Today we’d like to introduce you to Michelle Graves.
Thanks for sharing your story with us Michelle. So, let’s start at the beginning and we can move on from there.
I have been involved with art my entire life. One of my first memories was seeing a drawing of mine turned into a dinner plate. I was deeply influenced by my parents and their creative jobs, who were and still are very encouraging of my creative endeavors. My mother hand-drew graphs for college chemistry professors and my father was a printer with a darkroom in his office. Also, my uncle is a painter who took me to drawing classes outside of school and gave me a plethora of art supplies. It was this exposure, encouragement, and learned skill-set that guided me to where and who I am now.
I give huge credit to my influential instructors throughout my education that guided me to where I am in my career today. My high school photography/art teacher and painter Louie Laskowski encouraged me to sign up for Photo II and took us traveling to NYC and Mexico. My Indiana University BFA Photography professor, James Nakagawa, taught us how to “push” our work and is whom I assisted in Okinawa for work which won him a Guggenheim fellowship. Also, professor/photographer Jeff Wolin who now lives in Chicago and continues to graciously gather and encourage network with his former students.
To name a few instructors from my Columbia College Chicago MFA in Interdisciplinary Arts and Media program, I’d like to mention the late Jeanine Mellinger who gave us the space to wildly explore ideas and trust in me to teach her installation class when she was sick. Bryan Saner, who exploded my brain by breaking lines between instruction and performance, and Mat Rappaport, David Jude Greene, Jenny Magnus, Sherry Antonini, Mel Potter, and Paul Catanese who all gave incredibly influential critiques.
I have grown with tenacity and hard work ethics combined with my personal passion for art that has led me to occupations and leadership positions I am very proud of.
Has it been a smooth road?
It has definitely NOT been a smooth road. Financial struggle is an obvious challenge when starting out a career as a creative and fine arts person.
Being a female adds to common unfortunate challenges as well in terms of being seen as a serious artist and smart technological person. However, these brick walls among other life situations never truly stopped me from pushing through.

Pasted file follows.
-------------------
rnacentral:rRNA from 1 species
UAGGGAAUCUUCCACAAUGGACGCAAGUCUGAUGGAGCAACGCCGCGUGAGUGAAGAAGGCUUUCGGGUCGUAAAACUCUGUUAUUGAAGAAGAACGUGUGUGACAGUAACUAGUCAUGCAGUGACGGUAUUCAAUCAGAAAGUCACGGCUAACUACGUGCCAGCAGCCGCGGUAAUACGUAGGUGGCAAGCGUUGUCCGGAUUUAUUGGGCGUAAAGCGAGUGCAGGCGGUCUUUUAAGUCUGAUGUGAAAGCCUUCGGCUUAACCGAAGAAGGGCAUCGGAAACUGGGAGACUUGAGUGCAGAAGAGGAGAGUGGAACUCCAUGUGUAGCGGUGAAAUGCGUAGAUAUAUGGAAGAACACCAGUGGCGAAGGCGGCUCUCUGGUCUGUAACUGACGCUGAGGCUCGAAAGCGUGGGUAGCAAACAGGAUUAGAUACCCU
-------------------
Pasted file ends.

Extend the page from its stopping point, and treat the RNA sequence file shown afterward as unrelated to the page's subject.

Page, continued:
So let’s switch gears a bit and go into the Agitator Gallery story. Tell us more about the business.
I have a wide variety of involvement in the Chicago community in general. As far as business goes, I have two recent fun and productive endeavors in the art community which are Agitator Co-operative Gallery and State of the Art.
Agitator Co-operative Gallery (agitatorgallery.com) is a storefront gallery located in Chicago’s West Town/Wicker Park neighborhood, which I am a co-founder and current Chair. Our members share a common goal to curate artwork that agitates or campaigns to provoke dialog and generate diversity while respecting each artist’s vision and self-definition. We have monthly exhibits curated by members paired with artist talks. We also host Figure Drawing Tuesdays, bi-monthly critiques, silent movie/audio performance nights, and other workshops.
I have also recently partnered with Keith Skogstrom of State of the Art (sotachicago.com) where we take artists’ submissions and put their work on display at our clients’ establishments. This exposes our clients and their employees to amazing local artists while giving the local artists a venue to display their work with the potential to sell.
Personally, I have two sides that I specialize in. In my fine art practice, I am currently known for my text-based paintings/drawings and make other similar bodies of conceptual work pairing science with existentialism. (gravesmichelle.com) My other specialty is I am an Adobe Certified Expert and teach Adobe programs throughout a few Chicago locations.
Last but not least, I most definitely have to mention the Chicago Outfit Roller Derby team (chicagooutfitrollerderby.com), which I am a co-founder, original marketing manager, former skater and current bench coach. We were founded in 2007 and are currently internationally ranked and going strong. I give credit to my first taste of business to the Chicago Outfit. <3
How do you think the industry will change over the next decade?
I do see a trend of the creative NFPs, co-operatives, and collectives becoming bigger and more organized. There is a deep need for these types of communities in all age groups because they offer a productive means to be involved and encourage communication about current issues.
In corporate creative business, a big trend is for office spaces to be decorated with art and murals, which is a perfect opportunity for artists to get their work out in the world besides in a literal gallery space.
- Address: 1112 N. Ashland. Chicago, IL 60622
- Website: agitatorgallery.com, sotachicago.com, gravesmichelle.com
- Email: firstname.lastname@example.org, email@example.com, firstname.lastname@example.org
- Instagram: @agitatorgallery, @sotachicago, @gravesmichelle
Brenda Hernandez, Dennis Sevilla, Jeff Wolin and Gretchen Hasse